Santa Paula Times

Vacant Main Street storefronts a City Councilman’s concern

June 04, 2008
Santa Paula City Council

Business attraction and retention was much on the mind of the City Council when they discussed empty storefronts at the May 19 meeting.

By Peggy KellySanta Paula TimesBusiness attraction and retention was much on the mind of the City Council when they discussed empty storefronts at the May 19 meeting. Councilman Ray Luna, during a discussion of the upcoming budget, asked what the city is doing to fill empty Main Street buildings.“What we’re doing on the attraction side is working with commercial real estate brokers, only three or four, who really specialize in the downtown area,” said City Manager Wally Bobkiewicz. “I told them to come to me personally, bring clients, individuals to me” who, if seeking business relocation, Bobkiewicz said he would offer “personal guidance” to.Although meetings have been held with “five or six perspective tenants,” the sessions have not resulted in building occupancy. Bobkiewicz stated, “One Realtor had pulled me aside and said the city was not doing enough,” a comment that prompted his personal involvement in business attraction. “We have had some discussions and, of the five or six I met with, we took the next step to walk through the proposed project.”“What are some of the issues,” Luna asked, that have delayed tenants. “Is the rent too high?”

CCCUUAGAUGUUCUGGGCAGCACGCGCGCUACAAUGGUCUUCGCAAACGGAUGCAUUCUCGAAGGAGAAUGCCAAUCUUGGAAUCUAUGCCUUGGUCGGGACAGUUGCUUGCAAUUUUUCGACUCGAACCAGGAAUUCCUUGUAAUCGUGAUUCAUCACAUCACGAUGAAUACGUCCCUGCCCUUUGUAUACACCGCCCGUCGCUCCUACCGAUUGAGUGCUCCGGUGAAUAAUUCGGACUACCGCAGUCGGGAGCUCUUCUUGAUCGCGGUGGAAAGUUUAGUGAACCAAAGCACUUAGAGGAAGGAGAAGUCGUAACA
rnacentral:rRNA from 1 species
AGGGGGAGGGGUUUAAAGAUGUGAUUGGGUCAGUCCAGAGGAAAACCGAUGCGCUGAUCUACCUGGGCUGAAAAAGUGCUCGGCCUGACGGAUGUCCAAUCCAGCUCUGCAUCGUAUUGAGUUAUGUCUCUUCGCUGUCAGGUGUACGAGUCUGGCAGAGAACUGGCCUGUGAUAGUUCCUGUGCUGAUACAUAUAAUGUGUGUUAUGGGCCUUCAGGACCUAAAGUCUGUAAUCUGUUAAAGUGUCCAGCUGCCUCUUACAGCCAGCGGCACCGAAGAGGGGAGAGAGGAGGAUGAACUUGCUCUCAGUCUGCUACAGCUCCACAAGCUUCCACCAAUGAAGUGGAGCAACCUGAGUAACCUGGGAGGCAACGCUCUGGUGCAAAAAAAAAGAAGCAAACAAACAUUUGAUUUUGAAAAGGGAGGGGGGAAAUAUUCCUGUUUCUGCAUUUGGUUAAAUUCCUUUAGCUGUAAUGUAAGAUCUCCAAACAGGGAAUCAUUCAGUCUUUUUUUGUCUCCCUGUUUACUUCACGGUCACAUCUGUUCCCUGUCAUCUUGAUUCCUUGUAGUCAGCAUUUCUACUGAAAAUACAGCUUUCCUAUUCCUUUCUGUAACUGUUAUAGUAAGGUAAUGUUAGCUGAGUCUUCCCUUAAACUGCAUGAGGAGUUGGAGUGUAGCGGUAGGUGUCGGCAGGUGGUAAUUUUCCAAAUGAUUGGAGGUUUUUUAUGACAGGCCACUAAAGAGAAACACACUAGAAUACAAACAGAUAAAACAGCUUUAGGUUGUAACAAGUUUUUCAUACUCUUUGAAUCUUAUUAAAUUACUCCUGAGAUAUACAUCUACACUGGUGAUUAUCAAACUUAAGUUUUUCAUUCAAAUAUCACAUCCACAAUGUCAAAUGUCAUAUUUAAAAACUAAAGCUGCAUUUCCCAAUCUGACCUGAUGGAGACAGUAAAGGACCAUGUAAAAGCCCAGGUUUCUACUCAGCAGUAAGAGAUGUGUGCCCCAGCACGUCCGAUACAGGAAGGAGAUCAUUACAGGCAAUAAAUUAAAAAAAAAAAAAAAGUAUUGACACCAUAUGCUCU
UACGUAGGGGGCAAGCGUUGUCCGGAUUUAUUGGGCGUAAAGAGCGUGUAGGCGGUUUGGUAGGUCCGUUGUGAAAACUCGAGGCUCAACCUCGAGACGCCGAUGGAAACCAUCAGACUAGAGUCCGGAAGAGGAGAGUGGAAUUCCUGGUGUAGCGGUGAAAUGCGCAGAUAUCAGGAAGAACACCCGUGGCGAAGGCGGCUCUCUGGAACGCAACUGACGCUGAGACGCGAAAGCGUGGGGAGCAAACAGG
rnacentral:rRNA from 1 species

Bobkiewicz said that the “general economic climate” throughout the state has had an impact. “We’re had individuals come with great ideas, but they did not have the capital resources; in some cases absent property owners have a different view of what the property is worth,” regardless of what the city or their Realtor tells them.Customer base has also been an issue at times. Some potential businesses “have had great ideas, but they look at Santa Paula” and realize that the customer base “does not match their great idea.”“My concern has always been whether the cost of the rents” could be prohibitive, said Luna. “I would hope that anytime someone would want to come and start a business” the city would assist them, “especially the building on 10th Street... it’s been vacant a really long time.”The Realtor for the building located on the southwest corner of 10th and Main streets, said Bobkiewicz, has “done everything under the sun to meet the needs” of the property owner and potential tenants. Personal commitments have been offered to several property owners, especially those in the 10th Street to Mill Street corridor, where Bobkiewicz said there are several vacant storefronts that “could have some great things in them.”“I don’t know what the rent is, but that building has been empty way too long,” noted Luna, who urged that the building be filled even if some city offices are moved to the location.